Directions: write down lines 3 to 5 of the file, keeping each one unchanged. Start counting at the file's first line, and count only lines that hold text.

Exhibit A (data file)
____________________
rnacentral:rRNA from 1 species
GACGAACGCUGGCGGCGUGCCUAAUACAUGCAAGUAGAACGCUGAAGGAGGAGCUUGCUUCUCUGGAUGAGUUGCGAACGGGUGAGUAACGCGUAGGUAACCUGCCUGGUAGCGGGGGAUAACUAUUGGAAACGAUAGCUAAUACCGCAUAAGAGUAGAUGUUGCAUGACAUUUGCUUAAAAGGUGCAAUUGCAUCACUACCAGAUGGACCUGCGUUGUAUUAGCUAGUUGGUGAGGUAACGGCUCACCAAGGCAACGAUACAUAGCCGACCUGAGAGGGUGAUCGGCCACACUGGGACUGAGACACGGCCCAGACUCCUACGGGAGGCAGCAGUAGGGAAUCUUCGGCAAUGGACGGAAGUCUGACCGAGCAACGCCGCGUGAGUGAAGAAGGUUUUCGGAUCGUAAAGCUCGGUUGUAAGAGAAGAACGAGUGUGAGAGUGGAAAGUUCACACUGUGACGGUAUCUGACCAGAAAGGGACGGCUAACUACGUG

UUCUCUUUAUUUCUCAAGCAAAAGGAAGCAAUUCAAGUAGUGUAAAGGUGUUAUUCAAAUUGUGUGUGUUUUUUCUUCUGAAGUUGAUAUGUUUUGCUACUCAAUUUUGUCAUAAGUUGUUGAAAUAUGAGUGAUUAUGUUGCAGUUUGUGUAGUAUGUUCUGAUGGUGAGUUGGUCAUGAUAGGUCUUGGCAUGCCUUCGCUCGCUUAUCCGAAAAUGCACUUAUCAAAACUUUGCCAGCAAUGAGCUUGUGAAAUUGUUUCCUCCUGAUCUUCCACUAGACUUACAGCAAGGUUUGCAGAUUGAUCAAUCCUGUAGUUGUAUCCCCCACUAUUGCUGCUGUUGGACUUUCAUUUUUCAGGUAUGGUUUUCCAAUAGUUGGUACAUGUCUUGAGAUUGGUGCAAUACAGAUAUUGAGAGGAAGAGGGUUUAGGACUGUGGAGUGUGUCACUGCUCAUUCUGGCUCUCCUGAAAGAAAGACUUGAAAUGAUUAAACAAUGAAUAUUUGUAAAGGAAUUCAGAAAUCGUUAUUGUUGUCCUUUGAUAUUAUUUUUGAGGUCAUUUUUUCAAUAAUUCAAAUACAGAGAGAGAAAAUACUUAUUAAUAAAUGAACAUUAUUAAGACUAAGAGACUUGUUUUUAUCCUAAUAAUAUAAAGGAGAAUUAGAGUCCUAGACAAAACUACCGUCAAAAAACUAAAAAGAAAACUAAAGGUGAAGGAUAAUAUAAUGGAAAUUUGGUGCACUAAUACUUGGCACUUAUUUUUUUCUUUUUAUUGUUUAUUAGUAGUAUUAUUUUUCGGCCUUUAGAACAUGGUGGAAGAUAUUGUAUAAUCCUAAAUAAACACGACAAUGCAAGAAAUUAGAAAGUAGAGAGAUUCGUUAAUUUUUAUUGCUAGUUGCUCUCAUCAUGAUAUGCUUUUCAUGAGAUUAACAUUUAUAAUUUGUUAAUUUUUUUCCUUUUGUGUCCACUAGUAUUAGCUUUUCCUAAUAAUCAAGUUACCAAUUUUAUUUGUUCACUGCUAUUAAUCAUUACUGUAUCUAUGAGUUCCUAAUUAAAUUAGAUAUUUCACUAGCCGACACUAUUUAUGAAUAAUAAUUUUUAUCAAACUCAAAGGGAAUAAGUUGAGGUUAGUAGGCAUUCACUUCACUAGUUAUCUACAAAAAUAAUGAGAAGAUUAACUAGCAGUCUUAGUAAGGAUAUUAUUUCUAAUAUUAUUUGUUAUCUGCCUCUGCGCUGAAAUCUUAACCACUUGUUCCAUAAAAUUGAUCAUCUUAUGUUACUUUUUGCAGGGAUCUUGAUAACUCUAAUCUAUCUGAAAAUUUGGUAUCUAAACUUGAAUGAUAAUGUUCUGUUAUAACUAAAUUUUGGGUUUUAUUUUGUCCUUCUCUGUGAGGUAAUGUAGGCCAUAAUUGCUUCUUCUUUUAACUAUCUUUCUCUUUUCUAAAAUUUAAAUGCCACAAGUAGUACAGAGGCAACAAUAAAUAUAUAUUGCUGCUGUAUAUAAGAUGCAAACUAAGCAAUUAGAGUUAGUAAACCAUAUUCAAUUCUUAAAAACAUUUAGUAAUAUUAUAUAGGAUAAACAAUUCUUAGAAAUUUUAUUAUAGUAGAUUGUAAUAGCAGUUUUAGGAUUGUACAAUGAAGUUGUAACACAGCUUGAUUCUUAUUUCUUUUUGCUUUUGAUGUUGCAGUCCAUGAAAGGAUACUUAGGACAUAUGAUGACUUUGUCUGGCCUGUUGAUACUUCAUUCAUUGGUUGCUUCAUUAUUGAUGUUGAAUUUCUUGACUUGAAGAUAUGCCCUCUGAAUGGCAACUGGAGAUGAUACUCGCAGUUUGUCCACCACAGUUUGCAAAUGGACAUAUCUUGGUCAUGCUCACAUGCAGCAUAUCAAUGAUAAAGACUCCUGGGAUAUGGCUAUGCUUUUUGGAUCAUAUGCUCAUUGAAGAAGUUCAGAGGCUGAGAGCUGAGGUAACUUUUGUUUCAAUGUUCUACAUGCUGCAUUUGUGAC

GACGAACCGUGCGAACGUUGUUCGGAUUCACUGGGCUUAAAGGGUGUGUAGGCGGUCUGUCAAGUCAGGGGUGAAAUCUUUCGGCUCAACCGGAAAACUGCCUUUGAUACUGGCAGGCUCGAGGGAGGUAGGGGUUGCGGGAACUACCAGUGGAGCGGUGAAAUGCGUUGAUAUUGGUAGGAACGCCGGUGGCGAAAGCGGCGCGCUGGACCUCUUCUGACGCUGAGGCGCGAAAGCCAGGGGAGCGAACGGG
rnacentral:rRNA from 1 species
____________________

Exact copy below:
UUCUCUUUAUUUCUCAAGCAAAAGGAAGCAAUUCAAGUAGUGUAAAGGUGUUAUUCAAAUUGUGUGUGUUUUUUCUUCUGAAGUUGAUAUGUUUUGCUACUCAAUUUUGUCAUAAGUUGUUGAAAUAUGAGUGAUUAUGUUGCAGUUUGUGUAGUAUGUUCUGAUGGUGAGUUGGUCAUGAUAGGUCUUGGCAUGCCUUCGCUCGCUUAUCCGAAAAUGCACUUAUCAAAACUUUGCCAGCAAUGAGCUUGUGAAAUUGUUUCCUCCUGAUCUUCCACUAGACUUACAGCAAGGUUUGCAGAUUGAUCAAUCCUGUAGUUGUAUCCCCCACUAUUGCUGCUGUUGGACUUUCAUUUUUCAGGUAUGGUUUUCCAAUAGUUGGUACAUGUCUUGAGAUUGGUGCAAUACAGAUAUUGAGAGGAAGAGGGUUUAGGACUGUGGAGUGUGUCACUGCUCAUUCUGGCUCUCCUGAAAGAAAGACUUGAAAUGAUUAAACAAUGAAUAUUUGUAAAGGAAUUCAGAAAUCGUUAUUGUUGUCCUUUGAUAUUAUUUUUGAGGUCAUUUUUUCAAUAAUUCAAAUACAGAGAGAGAAAAUACUUAUUAAUAAAUGAACAUUAUUAAGACUAAGAGACUUGUUUUUAUCCUAAUAAUAUAAAGGAGAAUUAGAGUCCUAGACAAAACUACCGUCAAAAAACUAAAAAGAAAACUAAAGGUGAAGGAUAAUAUAAUGGAAAUUUGGUGCACUAAUACUUGGCACUUAUUUUUUUCUUUUUAUUGUUUAUUAGUAGUAUUAUUUUUCGGCCUUUAGAACAUGGUGGAAGAUAUUGUAUAAUCCUAAAUAAACACGACAAUGCAAGAAAUUAGAAAGUAGAGAGAUUCGUUAAUUUUUAUUGCUAGUUGCUCUCAUCAUGAUAUGCUUUUCAUGAGAUUAACAUUUAUAAUUUGUUAAUUUUUUUCCUUUUGUGUCCACUAGUAUUAGCUUUUCCUAAUAAUCAAGUUACCAAUUUUAUUUGUUCACUGCUAUUAAUCAUUACUGUAUCUAUGAGUUCCUAAUUAAAUUAGAUAUUUCACUAGCCGACACUAUUUAUGAAUAAUAAUUUUUAUCAAACUCAAAGGGAAUAAGUUGAGGUUAGUAGGCAUUCACUUCACUAGUUAUCUACAAAAAUAAUGAGAAGAUUAACUAGCAGUCUUAGUAAGGAUAUUAUUUCUAAUAUUAUUUGUUAUCUGCCUCUGCGCUGAAAUCUUAACCACUUGUUCCAUAAAAUUGAUCAUCUUAUGUUACUUUUUGCAGGGAUCUUGAUAACUCUAAUCUAUCUGAAAAUUUGGUAUCUAAACUUGAAUGAUAAUGUUCUGUUAUAACUAAAUUUUGGGUUUUAUUUUGUCCUUCUCUGUGAGGUAAUGUAGGCCAUAAUUGCUUCUUCUUUUAACUAUCUUUCUCUUUUCUAAAAUUUAAAUGCCACAAGUAGUACAGAGGCAACAAUAAAUAUAUAUUGCUGCUGUAUAUAAGAUGCAAACUAAGCAAUUAGAGUUAGUAAACCAUAUUCAAUUCUUAAAAACAUUUAGUAAUAUUAUAUAGGAUAAACAAUUCUUAGAAAUUUUAUUAUAGUAGAUUGUAAUAGCAGUUUUAGGAUUGUACAAUGAAGUUGUAACACAGCUUGAUUCUUAUUUCUUUUUGCUUUUGAUGUUGCAGUCCAUGAAAGGAUACUUAGGACAUAUGAUGACUUUGUCUGGCCUGUUGAUACUUCAUUCAUUGGUUGCUUCAUUAUUGAUGUUGAAUUUCUUGACUUGAAGAUAUGCCCUCUGAAUGGCAACUGGAGAUGAUACUCGCAGUUUGUCCACCACAGUUUGCAAAUGGACAUAUCUUGGUCAUGCUCACAUGCAGCAUAUCAAUGAUAAAGACUCCUGGGAUAUGGCUAUGCUUUUUGGAUCAUAUGCUCAUUGAAGAAGUUCAGAGGCUGAGAGCUGAGGUAACUUUUGUUUCAAUGUUCUACAUGCUGCAUUUGUGAC

GACGAACCGUGCGAACGUUGUUCGGAUUCACUGGGCUUAAAGGGUGUGUAGGCGGUCUGUCAAGUCAGGGGUGAAAUCUUUCGGCUCAACCGGAAAACUGCCUUUGAUACUGGCAGGCUCGAGGGAGGUAGGGGUUGCGGGAACUACCAGUGGAGCGGUGAAAUGCGUUGAUAUUGGUAGGAACGCCGGUGGCGAAAGCGGCGCGCUGGACCUCUUCUGACGCUGAGGCGCGAAAGCCAGGGGAGCGAACGGG
rnacentral:rRNA from 1 species